Parent education - high school graduaten/a
Parent education - some college (includes AA degree)n/a
Parent education - college graduaten/a
Parent education - graduate school/post graduaten/a
Parent education - declined to staten/a

Math

All Students74%
Femalesn/a
Males69%
African Americann/a
Asiann/a
Filipinon/a
Hispanic or Latinon/a
American Indian or Alaska Nativen/a
Native Hawaiiann/a
Pacific Islandern/a
Samoann/a
Other Pacific Islandern/a
White (not Hispanic)76%
Economically disadvantagedn/a
Non-economically disadvantaged74%
Students with disabilityn/a
Students with no reported disability80%
English learnern/a
Fluent-English proficient and English only74%
Migrant educationn/a
Gifted and talentedn/a
Parent education - not a high school graduaten/a
Parent education - high school graduaten/a
Parent education - some college (includes AA degree)n/a
Parent education - college graduaten/a
Parent education - graduate school/post graduaten/a
Parent education - declined to staten/a
Scale: % proficient or advanced

About the tests


In 2012-2013 California used the California Standards Tests (CSTs) to test students in English language arts in grades 2 through 11; math in grades 2 through 7; science in grades 5, 8 and 10; and history-social science in grades 8 and 11. Middle and high school students also took subject-specific CSTs in math and science, depending on the course in which they were enrolled. The CSTs are standards-based tests, which means they measure how well students are mastering specific skills defined for each grade by the state of California. The goal is for all students to score at or above proficient on the tests.

The different student groups are identified by the California Department of Education; if there are fewer than 10 students in a particular group in a school, the state doesn't report data for that group.

Source: California Department of Education

English Language Arts

All Students48%
Females55%
Males43%
African Americann/a
Asiann/a
Filipinon/a
Hispanic or Latinon/a
American Indian or Alaska Nativen/a
Native Hawaiiann/a
Pacific Islandern/a
Samoann/a
Other Pacific Islandern/a
White (not Hispanic)45%
Economically disadvantagedn/a
Non-economically disadvantaged48%
Students with disabilityn/a
Students with no reported disability50%
English learnern/a
Fluent-English proficient and English only48%
Migrant educationn/a
Gifted and talentedn/a
Parent education - not a high school graduaten/a
Parent education - high school graduaten/a
Parent education - some college (includes AA degree)27%
Parent education - college graduaten/a
Parent education - graduate school/post graduaten/a
Parent education - declined to staten/a

Math

All Students48%
Females27%
Males64%
African Americann/a
Asiann/a
Filipinon/a
Hispanic or Latinon/a
American Indian or Alaska Nativen/a
Native Hawaiiann/a
Pacific Islandern/a
Samoann/a
Other Pacific Islandern/a
White (not Hispanic)45%
Economically disadvantagedn/a
Non-economically disadvantaged48%
Students with disabilityn/a
Students with no reported disability50%
English learnern/a
Fluent-English proficient and English only48%
Migrant educationn/a
Gifted and talentedn/a
Parent education - not a high school graduaten/a
Parent education - high school graduaten/a
Parent education - some college (includes AA degree)40%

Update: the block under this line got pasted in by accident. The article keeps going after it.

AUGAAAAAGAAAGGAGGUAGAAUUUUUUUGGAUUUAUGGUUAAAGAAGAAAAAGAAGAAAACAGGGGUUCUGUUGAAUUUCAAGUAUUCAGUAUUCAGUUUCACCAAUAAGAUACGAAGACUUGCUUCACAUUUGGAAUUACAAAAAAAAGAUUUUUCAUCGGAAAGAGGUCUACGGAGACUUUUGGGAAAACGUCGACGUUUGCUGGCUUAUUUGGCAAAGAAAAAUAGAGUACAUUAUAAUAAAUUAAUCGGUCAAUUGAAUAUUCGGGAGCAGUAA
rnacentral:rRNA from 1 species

Parent education - college graduaten/a
Parent education - graduate school/post graduaten/a
Parent education - declined to staten/a
Scale: % proficient or advanced

About the tests


In 2012-2013 California used the California Standards Tests (CSTs) to test students in English language arts in grades 2 through 11; math in grades 2 through 7; science in grades 5, 8 and 10; and history-social science in grades 8 and 11. Middle and high school students also took subject-specific CSTs in math and science, depending on the course in which they were enrolled. The CSTs are standards-based tests, which means they measure how well students are mastering specific skills defined for each grade by the state of California. The goal is for all students to score at or above proficient on the tests.

The different student groups are identified by the California Department of Education; if there are fewer than 10 students in a particular group in a school, the state doesn't report data for that group.

Source: California Department of Education

English Language Arts

All Students73%
Females76%
Males69%
African Americann/a
Asiann/a
Filipinon/a
Hispanic or Latinon/a
American Indian or Alaska Nativen/a
Native Hawaiiann/a
Pacific Islandern/a
Samoann/a
Other Pacific Islandern/a
White (not Hispanic)75%
Economically disadvantagedn/a
Non-economically disadvantaged73%
Students with disabilityn/a
Students with no reported disability76%
English learnern/a
Fluent-English proficient and English only73%
Migrant educationn/a
Gifted and talentedn/a
Parent education - not a high school graduaten/a
Parent education - high school graduaten/a
Parent education - some college (includes AA degree)82%
Parent education - college graduaten/a
Parent education - graduate school/post graduaten/a
Parent education - declined to staten/a

Math

All Students40%
Females41%
Males38%
African Americann/a
Asiann/a
Filipinon/a
Hispanic or Latinon/a
American Indian or Alaska Nativen/a
Native Hawaiiann/a
Pacific Islandern/a
Samoann/a
Other Pacific Islandern/a
White (not Hispanic)46%
Economically disadvantagedn/a
Non-economically disadvantaged40%
Students with disabilityn/a
Students with no reported disability41%
English learnern/a
Fluent-English proficient and English only40%
Migrant educationn/a
Gifted and talentedn/a
Parent education - not a high school graduaten/a
Parent education - high school graduaten/a
Parent education - some college (includes AA degree)41%